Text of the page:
Content yet ambitious

I remember learning various psychology theories as a freshman in college. The developmental theories seemed to always end with a stage that I would deem contentment. I would study these theories, ace exams on these theories and think to myself, ” I wonder how many people actually make it to Erikson’s stagnation v. generativity?

This past Christmas I experienced something for the first time in my life. Idle joy. I realized that I was rising each morning, and aside from being sick, I was feeling like life was finally good. Together, my husband and I make a modest living. One that allows us to not have to go without. In a region with more poverty than most people imagine, I recognize that our lifestyle is fortunate. But my husband always reminds me, that we also work 6-7 days a week, and always have numerous irons in the fire.

New Years started to roll around and I didn’t even care to make a resolution. In hindsight, I realize that’s because all of my woes had been resolved.

A year ago I was working in a toxic work environment.

I had unbearable back pain.

I was still battling the last legs of postpartum depression.

I was complacent with my new Mom body…that I didn’t love.

Today I’m happy. I’m regularly hitting PR’s in the gym. I choose to be thankful for a job that is 20 minutes away from my family. I spend free time with my loved ones. I don’t waste an ounce of energy on people who can’t return a text, a favor, a kind word… their time.

I once paid for my friends to go places with me, ran to them when they needed something, called them to check-in. Then, I realized half of them would never do the same for me. So I made the difficult decision to stop toxic behaviors that left me feeling sad. I walked away from some people.

I stopped avoiding my favorite place, the gym, all because of someone who assaulted me that also goes there. Why should I sacrifice what I love?

I quit censoring the inequalities I experienced at work.

For a lot of my life I was reactive. I felt gross and angry when people did shitty things to me. I felt bitter at my employer. I felt betrayed by “friends.” Parts of my world have shrunken. But one thing I can say is– that whatever is left is good. I am far more at peace. My body literally felt like it vibrated with anger and pain for so many years. All of those vibes, if you will, are gone.

As a child, I would watch my sister leave for Kindergarten and sit looking out our picture window, as she walked to the bus. I remember vividly feeling a burning in my stomach. My mind raced, “what if she doesn’t come back?” Looking back, I recognize that these were my first bouts of anxiety. And wow did I have a lot of it.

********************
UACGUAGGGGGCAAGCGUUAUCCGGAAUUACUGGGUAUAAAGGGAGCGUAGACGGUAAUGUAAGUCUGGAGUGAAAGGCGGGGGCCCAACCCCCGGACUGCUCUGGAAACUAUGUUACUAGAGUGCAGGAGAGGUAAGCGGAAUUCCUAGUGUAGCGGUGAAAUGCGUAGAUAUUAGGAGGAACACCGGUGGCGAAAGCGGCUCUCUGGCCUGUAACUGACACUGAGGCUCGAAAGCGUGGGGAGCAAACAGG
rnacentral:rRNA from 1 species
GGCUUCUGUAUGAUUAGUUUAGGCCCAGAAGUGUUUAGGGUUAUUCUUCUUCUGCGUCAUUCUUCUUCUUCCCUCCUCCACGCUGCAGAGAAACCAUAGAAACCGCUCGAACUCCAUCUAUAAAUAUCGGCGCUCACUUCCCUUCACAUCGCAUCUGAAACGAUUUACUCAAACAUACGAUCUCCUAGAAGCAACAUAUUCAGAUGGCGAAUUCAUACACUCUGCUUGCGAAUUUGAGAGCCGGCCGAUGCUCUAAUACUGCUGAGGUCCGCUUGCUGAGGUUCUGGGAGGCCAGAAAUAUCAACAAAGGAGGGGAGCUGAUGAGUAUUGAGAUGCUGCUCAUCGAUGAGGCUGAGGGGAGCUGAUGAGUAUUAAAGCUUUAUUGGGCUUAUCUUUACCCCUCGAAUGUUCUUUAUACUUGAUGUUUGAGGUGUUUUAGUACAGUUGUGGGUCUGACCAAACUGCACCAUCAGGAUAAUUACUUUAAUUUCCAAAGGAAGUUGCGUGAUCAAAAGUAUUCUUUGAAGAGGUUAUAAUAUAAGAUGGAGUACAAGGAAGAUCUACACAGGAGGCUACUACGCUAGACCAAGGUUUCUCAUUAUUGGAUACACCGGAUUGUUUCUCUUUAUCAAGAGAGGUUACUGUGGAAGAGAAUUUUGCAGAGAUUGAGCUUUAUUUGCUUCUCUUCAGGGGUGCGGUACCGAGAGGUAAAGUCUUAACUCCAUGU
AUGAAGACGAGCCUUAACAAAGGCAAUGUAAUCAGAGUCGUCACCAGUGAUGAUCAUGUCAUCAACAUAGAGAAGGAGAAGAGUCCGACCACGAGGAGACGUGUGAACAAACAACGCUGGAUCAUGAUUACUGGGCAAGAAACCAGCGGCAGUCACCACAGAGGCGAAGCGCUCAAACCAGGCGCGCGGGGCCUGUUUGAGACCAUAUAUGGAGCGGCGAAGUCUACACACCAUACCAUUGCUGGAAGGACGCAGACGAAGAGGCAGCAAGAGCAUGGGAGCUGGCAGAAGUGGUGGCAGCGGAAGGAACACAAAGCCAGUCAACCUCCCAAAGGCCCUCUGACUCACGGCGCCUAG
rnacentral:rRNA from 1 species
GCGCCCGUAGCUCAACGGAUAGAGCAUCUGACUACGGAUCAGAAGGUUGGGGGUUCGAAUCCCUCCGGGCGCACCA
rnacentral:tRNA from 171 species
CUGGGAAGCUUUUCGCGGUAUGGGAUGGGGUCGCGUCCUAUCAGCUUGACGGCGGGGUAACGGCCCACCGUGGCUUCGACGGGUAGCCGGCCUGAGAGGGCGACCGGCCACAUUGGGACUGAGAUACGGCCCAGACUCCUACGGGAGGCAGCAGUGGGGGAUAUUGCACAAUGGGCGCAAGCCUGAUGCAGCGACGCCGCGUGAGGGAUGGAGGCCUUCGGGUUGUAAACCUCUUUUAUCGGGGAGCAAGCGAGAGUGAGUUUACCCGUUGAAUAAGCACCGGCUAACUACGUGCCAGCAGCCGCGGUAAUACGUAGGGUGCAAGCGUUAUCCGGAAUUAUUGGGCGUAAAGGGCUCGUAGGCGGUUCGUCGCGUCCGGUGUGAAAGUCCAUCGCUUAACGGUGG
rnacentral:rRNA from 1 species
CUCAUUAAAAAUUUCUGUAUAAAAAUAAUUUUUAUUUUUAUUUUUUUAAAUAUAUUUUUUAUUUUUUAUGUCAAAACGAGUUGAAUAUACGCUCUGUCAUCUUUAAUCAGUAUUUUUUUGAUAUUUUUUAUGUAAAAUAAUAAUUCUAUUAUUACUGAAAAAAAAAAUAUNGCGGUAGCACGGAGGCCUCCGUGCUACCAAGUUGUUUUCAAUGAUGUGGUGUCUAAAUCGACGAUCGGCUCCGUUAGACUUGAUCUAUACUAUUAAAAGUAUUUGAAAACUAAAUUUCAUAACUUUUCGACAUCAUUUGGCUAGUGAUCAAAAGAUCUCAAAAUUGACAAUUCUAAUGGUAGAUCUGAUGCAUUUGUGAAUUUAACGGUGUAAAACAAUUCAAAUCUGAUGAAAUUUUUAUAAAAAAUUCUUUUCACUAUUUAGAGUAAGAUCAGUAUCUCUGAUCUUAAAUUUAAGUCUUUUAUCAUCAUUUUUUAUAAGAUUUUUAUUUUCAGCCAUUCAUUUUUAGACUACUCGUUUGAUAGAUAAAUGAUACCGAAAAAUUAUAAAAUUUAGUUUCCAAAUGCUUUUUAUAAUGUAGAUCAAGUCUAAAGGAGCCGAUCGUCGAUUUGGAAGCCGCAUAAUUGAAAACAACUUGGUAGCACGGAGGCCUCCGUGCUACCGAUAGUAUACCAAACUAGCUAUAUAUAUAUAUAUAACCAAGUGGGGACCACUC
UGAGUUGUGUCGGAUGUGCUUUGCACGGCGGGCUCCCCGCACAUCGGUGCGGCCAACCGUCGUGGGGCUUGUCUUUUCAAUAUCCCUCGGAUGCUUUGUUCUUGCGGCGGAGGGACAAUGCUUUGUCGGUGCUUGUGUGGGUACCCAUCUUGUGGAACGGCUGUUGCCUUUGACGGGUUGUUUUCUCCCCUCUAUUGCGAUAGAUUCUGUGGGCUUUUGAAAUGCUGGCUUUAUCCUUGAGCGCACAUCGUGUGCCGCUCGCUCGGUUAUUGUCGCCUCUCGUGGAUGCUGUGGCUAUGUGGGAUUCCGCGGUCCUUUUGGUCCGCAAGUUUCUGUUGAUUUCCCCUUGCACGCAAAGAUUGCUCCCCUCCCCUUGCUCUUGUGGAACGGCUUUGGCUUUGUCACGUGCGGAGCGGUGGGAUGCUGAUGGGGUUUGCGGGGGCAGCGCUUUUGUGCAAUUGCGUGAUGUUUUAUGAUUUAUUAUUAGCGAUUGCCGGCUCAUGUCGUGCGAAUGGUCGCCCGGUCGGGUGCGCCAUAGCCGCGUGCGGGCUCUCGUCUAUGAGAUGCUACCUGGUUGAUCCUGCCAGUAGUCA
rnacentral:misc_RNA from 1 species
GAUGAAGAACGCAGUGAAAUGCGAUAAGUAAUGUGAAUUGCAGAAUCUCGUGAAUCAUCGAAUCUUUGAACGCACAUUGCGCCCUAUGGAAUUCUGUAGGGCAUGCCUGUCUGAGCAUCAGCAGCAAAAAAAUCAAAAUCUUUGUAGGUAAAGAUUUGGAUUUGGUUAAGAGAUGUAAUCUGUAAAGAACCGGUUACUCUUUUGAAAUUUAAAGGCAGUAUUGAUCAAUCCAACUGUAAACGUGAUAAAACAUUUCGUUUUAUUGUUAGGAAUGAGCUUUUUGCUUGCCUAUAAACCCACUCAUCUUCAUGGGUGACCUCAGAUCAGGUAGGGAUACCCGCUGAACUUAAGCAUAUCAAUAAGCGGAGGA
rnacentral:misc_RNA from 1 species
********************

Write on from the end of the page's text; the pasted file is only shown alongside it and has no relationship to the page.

On top of anxiety, I somehow managed to pull off being highly ambitious. As a child I was known for being bull-headed, independent and stubborn.

In first grade I began getting picked on for being “fat” by someone who I later thought was my best friend. In my diary, I drew a woman with sunken in cheek bones, protruding collar bones, and wrote on the drawing, “when I grow up I want to be anorexic.” And that, my friends, is how one thing ruins a child.

Thank God, the times have changed. Because in high-school, although I didn’t want to go to college, I would call Harvard’s admissions staff and speak with them. I thought to myself, “wow, they actually answer the phone!” Those phone conversations made me realize the ivy-league was a possibility within closer reach than I thought.

In college, I didn’t want to be anything but a high achieving student. Right before I started college, someone told me I’d never get my life together and be anything. Those words marked the backs of my eyelids…it’s like they were imprinted on my eyeballs. They were words that I challenged with every ounce of my being. Every single damn day I walked into a classroom in college, I had one thing on my mind: winning. I viewed every course as a game. The syllabus was the rule book. I would highlight the rules I knew I needed to focus more of my energy on. I calculated the absolute amount of points I could lose before I would get a “B” instead of an “A”. I ate disciplined meals, tracked my calories and always made sure to burn more than I ate on the treadmill or elliptical. I sat in study lounges reviewing my notes and completing all readings and supplemental readings. I was a fucking rockstar when it came to college. After all of my work was done, I would occasional attend a party. I never drank and drove, and I didn’t associate with underclassmen. I did my own thing. I managed my life so well.

I then went on to attend Yale University, which I have often referred to as the pinnacle of maxing out one’s intellectual potential.

I focused so many years on becoming something. Achieving something. Dreaming of something.

This past year all of those things stopped.

In my own stage theory: I’ve departed the reactive stage of my life and entered into the contentment stage. I realize that at any given time something awful could happen. I accept it.

Sure, I’m still interested in losing 8 more lbs, getting shreddy and being a Mom that does crafts with her child. But the difference is, I’m not ruined if it doesn’t happen.

Finally living through several weeks of peace has completely altered my thought patterns. I am light. I am more trusting. I am less involved.

I am now the content observer.

I am content yet ambitious.


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